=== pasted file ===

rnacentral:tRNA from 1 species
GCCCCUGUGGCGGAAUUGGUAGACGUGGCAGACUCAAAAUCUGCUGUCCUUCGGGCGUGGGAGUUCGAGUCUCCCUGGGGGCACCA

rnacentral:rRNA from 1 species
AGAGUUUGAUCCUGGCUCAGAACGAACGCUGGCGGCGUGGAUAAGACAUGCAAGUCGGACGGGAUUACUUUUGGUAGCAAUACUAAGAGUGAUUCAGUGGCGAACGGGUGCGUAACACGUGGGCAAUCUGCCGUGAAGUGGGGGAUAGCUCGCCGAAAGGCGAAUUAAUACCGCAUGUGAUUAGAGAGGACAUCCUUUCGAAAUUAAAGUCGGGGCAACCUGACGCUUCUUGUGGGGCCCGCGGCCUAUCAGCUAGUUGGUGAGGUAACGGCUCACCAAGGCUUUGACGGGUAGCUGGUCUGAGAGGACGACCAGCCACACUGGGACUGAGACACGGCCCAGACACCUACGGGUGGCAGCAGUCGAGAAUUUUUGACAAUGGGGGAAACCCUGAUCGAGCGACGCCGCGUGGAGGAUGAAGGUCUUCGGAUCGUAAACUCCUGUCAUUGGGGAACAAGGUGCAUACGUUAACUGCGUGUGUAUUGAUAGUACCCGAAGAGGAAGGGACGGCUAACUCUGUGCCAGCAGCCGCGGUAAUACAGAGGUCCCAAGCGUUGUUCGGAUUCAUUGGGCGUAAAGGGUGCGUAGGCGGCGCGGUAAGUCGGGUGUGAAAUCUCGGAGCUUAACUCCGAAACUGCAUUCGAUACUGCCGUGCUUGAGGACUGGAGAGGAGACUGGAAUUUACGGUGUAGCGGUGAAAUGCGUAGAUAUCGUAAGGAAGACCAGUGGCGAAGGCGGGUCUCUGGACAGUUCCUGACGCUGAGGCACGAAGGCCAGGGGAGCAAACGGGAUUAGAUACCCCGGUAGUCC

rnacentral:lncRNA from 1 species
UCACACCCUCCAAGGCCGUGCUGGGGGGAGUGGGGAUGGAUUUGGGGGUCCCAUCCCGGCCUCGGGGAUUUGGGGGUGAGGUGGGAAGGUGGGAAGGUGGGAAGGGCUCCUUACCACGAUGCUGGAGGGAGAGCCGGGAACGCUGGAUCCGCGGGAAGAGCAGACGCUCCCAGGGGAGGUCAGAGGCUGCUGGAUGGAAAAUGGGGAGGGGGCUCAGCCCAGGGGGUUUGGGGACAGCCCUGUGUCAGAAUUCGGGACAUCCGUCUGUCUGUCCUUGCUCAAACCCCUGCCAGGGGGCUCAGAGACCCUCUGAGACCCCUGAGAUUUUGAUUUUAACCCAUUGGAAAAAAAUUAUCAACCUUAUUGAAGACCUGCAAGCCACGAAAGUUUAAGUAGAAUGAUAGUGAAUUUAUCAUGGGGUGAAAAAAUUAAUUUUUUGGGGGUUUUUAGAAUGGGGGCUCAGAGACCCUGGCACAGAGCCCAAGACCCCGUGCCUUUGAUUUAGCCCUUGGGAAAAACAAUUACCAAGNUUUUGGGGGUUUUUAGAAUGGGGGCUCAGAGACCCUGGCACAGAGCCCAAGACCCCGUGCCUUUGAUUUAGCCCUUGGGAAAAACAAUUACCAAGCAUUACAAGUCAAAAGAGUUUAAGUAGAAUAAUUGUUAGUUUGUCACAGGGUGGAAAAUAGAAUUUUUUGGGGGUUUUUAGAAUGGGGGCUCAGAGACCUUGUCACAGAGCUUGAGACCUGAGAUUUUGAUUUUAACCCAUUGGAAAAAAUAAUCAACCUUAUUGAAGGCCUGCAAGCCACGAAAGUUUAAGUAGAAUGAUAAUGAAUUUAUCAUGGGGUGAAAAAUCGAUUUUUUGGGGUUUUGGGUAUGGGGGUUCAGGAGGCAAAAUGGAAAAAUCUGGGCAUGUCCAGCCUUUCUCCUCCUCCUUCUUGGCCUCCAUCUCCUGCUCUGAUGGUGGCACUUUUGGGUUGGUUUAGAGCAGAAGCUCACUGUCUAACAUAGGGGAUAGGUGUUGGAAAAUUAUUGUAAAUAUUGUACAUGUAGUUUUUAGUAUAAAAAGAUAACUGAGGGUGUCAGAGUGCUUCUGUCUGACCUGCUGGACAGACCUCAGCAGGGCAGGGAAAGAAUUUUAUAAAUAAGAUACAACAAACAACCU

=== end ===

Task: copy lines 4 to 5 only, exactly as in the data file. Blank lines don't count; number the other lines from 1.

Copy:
AGAGUUUGAUCCUGGCUCAGAACGAACGCUGGCGGCGUGGAUAAGACAUGCAAGUCGGACGGGAUUACUUUUGGUAGCAAUACUAAGAGUGAUUCAGUGGCGAACGGGUGCGUAACACGUGGGCAAUCUGCCGUGAAGUGGGGGAUAGCUCGCCGAAAGGCGAAUUAAUACCGCAUGUGAUUAGAGAGGACAUCCUUUCGAAAUUAAAGUCGGGGCAACCUGACGCUUCUUGUGGGGCCCGCGGCCUAUCAGCUAGUUGGUGAGGUAACGGCUCACCAAGGCUUUGACGGGUAGCUGGUCUGAGAGGACGACCAGCCACACUGGGACUGAGACACGGCCCAGACACCUACGGGUGGCAGCAGUCGAGAAUUUUUGACAAUGGGGGAAACCCUGAUCGAGCGACGCCGCGUGGAGGAUGAAGGUCUUCGGAUCGUAAACUCCUGUCAUUGGGGAACAAGGUGCAUACGUUAACUGCGUGUGUAUUGAUAGUACCCGAAGAGGAAGGGACGGCUAACUCUGUGCCAGCAGCCGCGGUAAUACAGAGGUCCCAAGCGUUGUUCGGAUUCAUUGGGCGUAAAGGGUGCGUAGGCGGCGCGGUAAGUCGGGUGUGAAAUCUCGGAGCUUAACUCCGAAACUGCAUUCGAUACUGCCGUGCUUGAGGACUGGAGAGGAGACUGGAAUUUACGGUGUAGCGGUGAAAUGCGUAGAUAUCGUAAGGAAGACCAGUGGCGAAGGCGGGUCUCUGGACAGUUCCUGACGCUGAGGCACGAAGGCCAGGGGAGCAAACGGGAUUAGAUACCCCGGUAGUCC

rnacentral:lncRNA from 1 species